BANGLADESH: “Significant work remains” on sustainability compact
Bangladesh still has significant work to do in order to fulfil the sustainability compact drawn up in the wake of the Rana Plaza disaster, according to the country's US Ambassador.
Meanwhile, international union federations are warning that future tragedies are “certain” if more progress is not made in the area of labour rights, while the European Union says better labour conditions will help improve trade with the EU.
One year after the Sustainability Compact was signed by the government of Bangladesh, the EU, the US and the International Labor Organization (ILO), a trio of labour organisations – ITUC, IndustriAll and Uni – warned that it remained difficult for workers to exercise their “fundamental labour rights” in Bangladesh.
“In particular, the inability of workers to organise and bargain collectively over the terms and conditions of work means that gains in building and fire safety will not be sustainable, leading to certain future tragedies,” the groups said.
They added that the government had “largely failed” to comply with the terms of the Compact, blaming a lack of political will, inadequate intra-governmental co-ordination, corruption and the “extraordinary dominance” of the garment sector in government.
Dan Mozena, US Ambassador to Bangladesh, highlighted the progress made on factory inspections, the suspension of operations where serious problems were found, safety improvements, the recruitment of labour and safety inspectors, and the registration of new trade unions.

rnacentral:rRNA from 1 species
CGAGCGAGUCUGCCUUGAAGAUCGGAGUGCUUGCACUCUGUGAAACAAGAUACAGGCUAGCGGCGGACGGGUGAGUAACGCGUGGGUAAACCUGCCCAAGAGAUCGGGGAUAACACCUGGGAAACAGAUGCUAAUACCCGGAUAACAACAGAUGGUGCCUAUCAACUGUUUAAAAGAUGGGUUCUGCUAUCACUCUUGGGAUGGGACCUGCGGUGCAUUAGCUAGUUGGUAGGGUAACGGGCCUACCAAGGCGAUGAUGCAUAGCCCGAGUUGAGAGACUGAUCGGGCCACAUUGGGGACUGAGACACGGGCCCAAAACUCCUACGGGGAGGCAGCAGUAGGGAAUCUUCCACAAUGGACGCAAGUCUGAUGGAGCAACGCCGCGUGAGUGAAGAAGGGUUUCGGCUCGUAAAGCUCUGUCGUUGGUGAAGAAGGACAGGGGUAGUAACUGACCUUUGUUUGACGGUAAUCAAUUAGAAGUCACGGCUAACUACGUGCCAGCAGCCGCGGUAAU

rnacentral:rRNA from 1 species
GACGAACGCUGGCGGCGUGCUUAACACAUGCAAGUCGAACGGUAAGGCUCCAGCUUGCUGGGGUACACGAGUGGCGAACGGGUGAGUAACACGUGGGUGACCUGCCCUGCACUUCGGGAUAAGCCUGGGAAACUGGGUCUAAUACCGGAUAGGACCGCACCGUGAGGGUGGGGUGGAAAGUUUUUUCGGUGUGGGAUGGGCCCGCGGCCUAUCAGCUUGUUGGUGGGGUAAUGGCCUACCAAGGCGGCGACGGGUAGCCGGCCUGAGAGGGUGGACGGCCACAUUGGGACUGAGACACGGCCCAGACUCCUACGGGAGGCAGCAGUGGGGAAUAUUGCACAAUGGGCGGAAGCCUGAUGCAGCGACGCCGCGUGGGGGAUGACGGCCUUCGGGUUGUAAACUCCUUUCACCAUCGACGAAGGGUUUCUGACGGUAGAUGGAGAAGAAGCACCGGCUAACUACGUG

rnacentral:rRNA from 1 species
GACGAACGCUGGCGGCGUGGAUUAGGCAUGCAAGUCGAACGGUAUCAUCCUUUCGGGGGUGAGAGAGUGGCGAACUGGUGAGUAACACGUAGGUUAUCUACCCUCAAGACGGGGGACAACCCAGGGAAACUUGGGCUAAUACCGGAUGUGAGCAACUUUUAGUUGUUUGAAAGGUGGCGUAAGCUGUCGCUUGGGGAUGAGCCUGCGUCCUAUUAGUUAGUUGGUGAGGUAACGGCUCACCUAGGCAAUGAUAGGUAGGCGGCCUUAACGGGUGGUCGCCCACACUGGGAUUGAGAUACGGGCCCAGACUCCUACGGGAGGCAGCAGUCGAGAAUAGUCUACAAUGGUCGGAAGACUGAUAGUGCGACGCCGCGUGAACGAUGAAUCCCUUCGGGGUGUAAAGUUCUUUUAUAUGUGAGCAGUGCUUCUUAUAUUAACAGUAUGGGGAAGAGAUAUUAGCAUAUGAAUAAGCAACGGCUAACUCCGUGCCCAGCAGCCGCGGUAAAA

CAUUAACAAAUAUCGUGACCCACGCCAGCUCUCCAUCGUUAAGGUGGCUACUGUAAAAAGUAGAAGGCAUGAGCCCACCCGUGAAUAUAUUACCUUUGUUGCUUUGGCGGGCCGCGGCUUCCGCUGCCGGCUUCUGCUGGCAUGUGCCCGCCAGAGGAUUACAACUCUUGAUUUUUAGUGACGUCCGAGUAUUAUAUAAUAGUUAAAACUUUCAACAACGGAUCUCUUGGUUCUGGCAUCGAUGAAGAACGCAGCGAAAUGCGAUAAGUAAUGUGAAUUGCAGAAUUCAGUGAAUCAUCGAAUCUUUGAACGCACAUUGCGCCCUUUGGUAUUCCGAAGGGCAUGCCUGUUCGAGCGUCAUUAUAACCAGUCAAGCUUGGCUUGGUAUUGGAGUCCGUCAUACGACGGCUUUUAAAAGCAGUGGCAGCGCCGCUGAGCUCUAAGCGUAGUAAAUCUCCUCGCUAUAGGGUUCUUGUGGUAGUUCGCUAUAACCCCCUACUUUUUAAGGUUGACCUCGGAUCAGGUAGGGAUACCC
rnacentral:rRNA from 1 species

But he warned that “significant work” remained, including the continuation of inspections, and the maintenance of an online public database of inspection results, which currently lacked vital information.
Meanwhile, the European Commission issued a progress report on the Compact for further discussion, with Commissioner for Trade Karel de Gucht and Commissioner for Employment, Social Affairs and Inclusion László Andor saying: “We commend those foreign retailers who did stay engaged in Bangladesh.
“As a matter of priority, we also urge the government of Bangladesh to complete the labour law reform, training and recruitment of inspectors and to create the conditions for meaningful freedom of association.
“Better labour conditions will support sustainable trade links with many markets, especially the European Union.”
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